U.S. Said to Discourage Banks From Helping Russia Sell Debt

  • Aiding sale said to be seen as counter to U.S. foreign policy
  • Many banks didn't respond to Russia Eurobond letter: Storchak

The U.S. government has urged some of the nation’s largest banks to refrain from helping Russia sell bonds, according to people with knowledge of the situation, as helping the nation obtain foreign funding risks undermining sanctions imposed over the Ukraine conflict.

The State Department and Treasury Department told banks this month that participating in a bond sale would run counter to U.S. foreign policy, even if it’s not explicitly barred by sanctions, said the people, asking not to be identified because the talks were private. “Many” banks didn’t respond to the Russian Finance Ministry’s call for proposal to organize the sovereign Eurobond sale, which means they won’t be participating, Russian Deputy Finance Minister Sergey Storchak told reporters Thursday.

Russia has contacted 25 banks around the world as it looks to return to foreign debt markets for the first time since 2013. Months after selling bonds that year, President Vladimir Putin’s annexation of Crimea triggered sanctions from the U.S. and European Union that virtually closed the Eurobond market to Russian borrowers. A funding crunch and the widest budget shortfall in five years are adding urgency to the need to shore up public finances hobbled by oil’s collapse to the lowest in more than 12 years.

“We continue to be clear in our engagements with U.S. companies that we believe there are risks -- both economic and reputational -- associated with a return to business as usual with Russia,” the State Department said Wednesday in a statement that didn’t elaborate on the specific conversations with banks. “It is essential that private companies -- in the U.S., EU, and around the world -- understand that Russia will remain a high-risk market so long as its actions to destabilize Ukraine continue.”

Some Refraining

Banks including Goldman Sachs Group Inc. and JPMorgan Chase & Co. are evaluating the situation, the Wall Street Journal wrote in a report on the talks earlier Wednesday. Spokesmen for both firms declined to comment. Citigroup Inc. is among lenders that have decided to refrain from participating, a person with knowledge of the situation said.

Storchak declined to say how many banks failed to respond to Russia’s call for Eurobond proposals.“We have banks to choose from,” he said.

Russia, mired in a recession amid record-low oil prices and a widening deficit, has budgeted for a placement of as much as $3 billion in Eurobonds this year. While the government itself wasn’t sanctioned, penalties have targeted corporations and individuals.

“If the Russian sovereign gets away with borrowing through the Eurobond market, it would in effect blow a huge hole in the Western sanctions program as the sovereign could then borrow on behalf of other Russian entities, filtering the money down to lower level entities,” Timothy Ash, head of emerging-market strategy at Nomura International Plc in London, said by e-mail. “The U.S. Treasury had to act, and I doubt any U.S. entity would now risk the reputational damage by getting involved in such a deal."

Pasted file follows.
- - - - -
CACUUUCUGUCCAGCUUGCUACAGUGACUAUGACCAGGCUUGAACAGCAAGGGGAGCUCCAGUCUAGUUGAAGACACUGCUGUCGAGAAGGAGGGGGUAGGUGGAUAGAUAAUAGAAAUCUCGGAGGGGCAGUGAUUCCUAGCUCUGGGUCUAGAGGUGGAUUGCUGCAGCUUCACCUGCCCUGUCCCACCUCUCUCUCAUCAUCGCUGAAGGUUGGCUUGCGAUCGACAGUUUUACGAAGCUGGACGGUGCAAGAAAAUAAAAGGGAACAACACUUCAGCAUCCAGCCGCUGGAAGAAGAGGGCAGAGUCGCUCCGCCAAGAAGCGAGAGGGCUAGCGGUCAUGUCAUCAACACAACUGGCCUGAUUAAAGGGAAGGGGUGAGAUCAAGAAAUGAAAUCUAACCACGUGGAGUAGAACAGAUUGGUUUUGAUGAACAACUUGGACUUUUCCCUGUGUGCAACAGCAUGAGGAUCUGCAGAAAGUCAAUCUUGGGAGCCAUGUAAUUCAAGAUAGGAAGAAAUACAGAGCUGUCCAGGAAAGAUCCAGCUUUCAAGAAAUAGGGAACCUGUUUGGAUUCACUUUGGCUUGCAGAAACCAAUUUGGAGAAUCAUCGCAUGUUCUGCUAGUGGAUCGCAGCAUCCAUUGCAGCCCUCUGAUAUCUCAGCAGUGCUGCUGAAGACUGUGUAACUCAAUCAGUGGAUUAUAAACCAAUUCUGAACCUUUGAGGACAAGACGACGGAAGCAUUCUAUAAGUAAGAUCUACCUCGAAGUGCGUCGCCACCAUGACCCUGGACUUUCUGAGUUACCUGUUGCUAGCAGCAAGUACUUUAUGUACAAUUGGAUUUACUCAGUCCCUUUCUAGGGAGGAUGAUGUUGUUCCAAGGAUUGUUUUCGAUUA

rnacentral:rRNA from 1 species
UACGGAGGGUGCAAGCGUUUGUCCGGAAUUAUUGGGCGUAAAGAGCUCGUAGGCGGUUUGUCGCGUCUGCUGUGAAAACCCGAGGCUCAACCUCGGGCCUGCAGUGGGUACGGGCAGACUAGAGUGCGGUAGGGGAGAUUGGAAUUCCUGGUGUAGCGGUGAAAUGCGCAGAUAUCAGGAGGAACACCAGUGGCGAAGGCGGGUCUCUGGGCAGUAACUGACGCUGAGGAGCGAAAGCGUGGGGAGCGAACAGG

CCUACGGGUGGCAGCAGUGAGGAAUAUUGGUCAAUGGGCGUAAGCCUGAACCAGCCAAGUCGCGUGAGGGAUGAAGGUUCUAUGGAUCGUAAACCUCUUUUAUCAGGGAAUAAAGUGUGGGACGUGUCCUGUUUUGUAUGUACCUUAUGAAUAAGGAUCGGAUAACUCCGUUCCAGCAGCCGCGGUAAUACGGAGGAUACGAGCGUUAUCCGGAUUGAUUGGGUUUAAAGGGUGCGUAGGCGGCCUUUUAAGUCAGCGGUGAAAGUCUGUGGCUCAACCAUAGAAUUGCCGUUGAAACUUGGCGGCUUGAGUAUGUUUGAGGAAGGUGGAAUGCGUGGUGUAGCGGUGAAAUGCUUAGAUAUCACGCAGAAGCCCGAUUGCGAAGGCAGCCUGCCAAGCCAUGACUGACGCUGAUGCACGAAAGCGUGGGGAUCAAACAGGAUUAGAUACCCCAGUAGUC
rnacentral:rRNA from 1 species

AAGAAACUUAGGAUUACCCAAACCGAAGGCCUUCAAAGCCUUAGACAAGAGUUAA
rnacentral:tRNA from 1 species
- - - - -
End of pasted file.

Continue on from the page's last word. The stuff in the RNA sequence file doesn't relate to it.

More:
It’s not the first time U.S. banks, which once looked to Russia for international growth, have been caught in the middle amid the tensions. Their anti-money-laundering controls have faced heightened pressure to scrutinize transactions to ensure money flows comply with the sanctions. In 2014, Wall Street leaders canceled trips to an economic conference in St. Petersburg amid pressure from the White House on corporate executives to spurn Putin.

Russia has sent requests for proposals to 25 foreign and three local banks, including the Bank of China, Goldman Sachs Group Inc. and Barclays Plc, according to the Finance Ministry.

Russian lenders include VTB Group, Gazprombank JSC and Sberbank PJSC.
Other banks contacted were BNP Paribas SA, Bank of America Corp., Wells Fargo & Co., Deutsche Bank AG, Industrial and Commercial Bank of China Ltd., Credit Agricole SA, Credit Suisse Group AG, Landesbank Baden-Wuerttemberg, Morgan Stanley, Nomura International Plc, Citigroup Inc, Societe Generale SA, TD Securities Inc, HSBC Holdings Plc, RBC Capital Markets, UBS Group AG, Scotiabank, Mizuho Financial Group Inc., Agricultural Bank of China Ltd., UniCredit Bank AG and China Construction Bank Corp. and JPMorgan Chase & Co., according to the Finance Ministry document.

Investment bank earnings from Russian corporate deals, hit by the sanctions and low oil prices, were the lowest since at least 2002 last year, according to the New York-based consultancy Freeman & Co. Foreign lenders’ market share slipped to less than 50 percent.
As the market has soured, banks including Royal Bank of Scotland Group Plc, Barclays, BNP Paribas and Deutsche Bank are retreating from Russia.

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